The Army Corps of Engineers rejected Pebble Limited Partnership’s application in November.

This August 2019 photos shows a redline at Treadwell Arena designed by Tsimshian artist Abel Ryan. The arena is adding new weekly events to its schedule, City and Borough of Juneau announced. (Michael Penn / Juneau Empire File)
Treadwell Arena adds new weekly events

Hockey and open skate are on the schedule.

This 2020 electron microscope image provided by the National Institute of Allergy and Infectious Diseases - Rocky Mountain Laboratories shows SARS-CoV-2 virus particles which causes COVID-19, isolated from a patient in the U.S., emerging from the surface of cells cultured in a lab. On Monday, Oct. 5, 2020, the top U.S. public health agency said that coronavirus can spread greater distances through the air than 6 feet, particularly in poorly ventilated and enclosed spaces. But agency officials continued to say such spread is uncommon, and current social distancing guidelines still make sense. (NIAID-RML via AP)
COVID at a glance for Friday, Jan. 22

The most recent state and local numbers.

A Coast Guard Station Juneau 45-foot Response Boat-Medium patrols Auke Bay during an exercise in 2018. A response boat similar to the one in the photo was struck by a laser near Ketchikan on Saturday, Jan. 17, prompting an investigation into the crime. (Lt. Brian Dykens / U.S. Coast Guard)
Coast Guard wants information after laser pointed at boat

“Laser strikes jeopardize the safety of our boat crews…”

Has it always been a police car? (Michael Penn / Juneau Empire)
Police calls for Sunday, Jan. 24, 2021

This report contains public information from law enforcement and public safety agencies.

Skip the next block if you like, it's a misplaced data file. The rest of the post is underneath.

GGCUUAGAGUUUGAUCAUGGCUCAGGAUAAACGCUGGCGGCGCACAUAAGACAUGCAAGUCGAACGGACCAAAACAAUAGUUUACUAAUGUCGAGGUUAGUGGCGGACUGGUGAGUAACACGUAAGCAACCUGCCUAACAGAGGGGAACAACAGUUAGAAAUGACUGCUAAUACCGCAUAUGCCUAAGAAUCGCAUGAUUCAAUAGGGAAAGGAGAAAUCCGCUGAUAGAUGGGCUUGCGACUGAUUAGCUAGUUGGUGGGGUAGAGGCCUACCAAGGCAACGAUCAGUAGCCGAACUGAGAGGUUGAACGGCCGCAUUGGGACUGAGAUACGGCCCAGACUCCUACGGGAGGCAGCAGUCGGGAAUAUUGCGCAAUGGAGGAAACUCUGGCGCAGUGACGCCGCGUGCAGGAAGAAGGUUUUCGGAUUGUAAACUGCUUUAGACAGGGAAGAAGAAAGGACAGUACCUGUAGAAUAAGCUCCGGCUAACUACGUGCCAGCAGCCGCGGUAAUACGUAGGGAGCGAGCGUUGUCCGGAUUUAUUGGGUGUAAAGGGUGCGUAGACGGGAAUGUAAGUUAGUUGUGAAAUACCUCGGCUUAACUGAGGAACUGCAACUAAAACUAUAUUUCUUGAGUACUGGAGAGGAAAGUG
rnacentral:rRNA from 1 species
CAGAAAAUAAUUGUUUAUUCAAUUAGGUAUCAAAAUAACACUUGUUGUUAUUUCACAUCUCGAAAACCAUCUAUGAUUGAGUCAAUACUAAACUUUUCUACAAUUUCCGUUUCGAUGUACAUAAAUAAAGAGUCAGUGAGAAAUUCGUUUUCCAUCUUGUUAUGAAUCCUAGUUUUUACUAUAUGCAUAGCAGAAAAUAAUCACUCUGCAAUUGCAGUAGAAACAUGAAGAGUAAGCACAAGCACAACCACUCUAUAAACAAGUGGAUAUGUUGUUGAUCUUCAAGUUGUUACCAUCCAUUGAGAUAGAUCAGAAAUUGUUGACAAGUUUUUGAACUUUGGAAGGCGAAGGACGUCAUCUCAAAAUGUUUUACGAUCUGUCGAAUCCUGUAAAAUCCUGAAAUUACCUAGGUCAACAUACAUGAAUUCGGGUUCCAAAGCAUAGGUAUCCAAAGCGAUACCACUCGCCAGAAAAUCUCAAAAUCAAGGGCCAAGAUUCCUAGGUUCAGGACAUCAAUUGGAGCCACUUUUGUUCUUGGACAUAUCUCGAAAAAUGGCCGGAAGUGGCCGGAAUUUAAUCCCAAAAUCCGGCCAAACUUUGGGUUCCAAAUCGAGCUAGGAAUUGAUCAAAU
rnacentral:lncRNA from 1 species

This 2020 electron microscope image provided by the National Institute of Allergy and Infectious Diseases - Rocky Mountain Laboratories shows SARS-CoV-2 virus particles which causes COVID-19, isolated from a patient in the U.S., emerging from the surface of cells cultured in a lab. On Monday, Oct. 5, 2020, the top U.S. public health agency said that coronavirus can spread greater distances through the air than 6 feet, particularly in poorly ventilated and enclosed spaces. But agency officials continued to say such spread is uncommon, and current social distancing guidelines still make sense. (NIAID-RML via AP)
COVID at a glance for Thursday, Jan. 21

The most recent state and local numbers.

Gov. Mike Dunleavy addresses the public during a virtual town hall on Sept. 15, 2020 in Alaska. ( Courtesy Photo / Austin McDaniel, Office of the Governor)
Dunleavy pitches dividend change amid legislative splits

No clear direction has emerged from lawmakers.

Joar Leifseth Ulsom, right, wearing a bib with ExxonMobil lettering on it, congratulates Peter Kaiser on his win in the Iditarod Trail Sled Dog Race in Nome, Alaska. The world’s most famous sled dog race has lost another major sponsor as the Iditarod prepares for a scaled-back version of this year’s race because of the pandemic, officials said Thursday, Jan. 21, 2021. ExxonMobil confirmed to The Associated Press that the oil giant will drop its sponsorship of the race. (Marc Lester / Anchorage Daily News)
ExxonMobil becomes latest sponsor to sever Iditarod ties

The world’s most famous sled dog race has lost another major sponsor.

Has it always been a police car? (Michael Penn / Juneau Empire)
Police calls for Friday, Jan. 22, 2021

This report contains public information from law enforcement and public safety agencies.

Most Read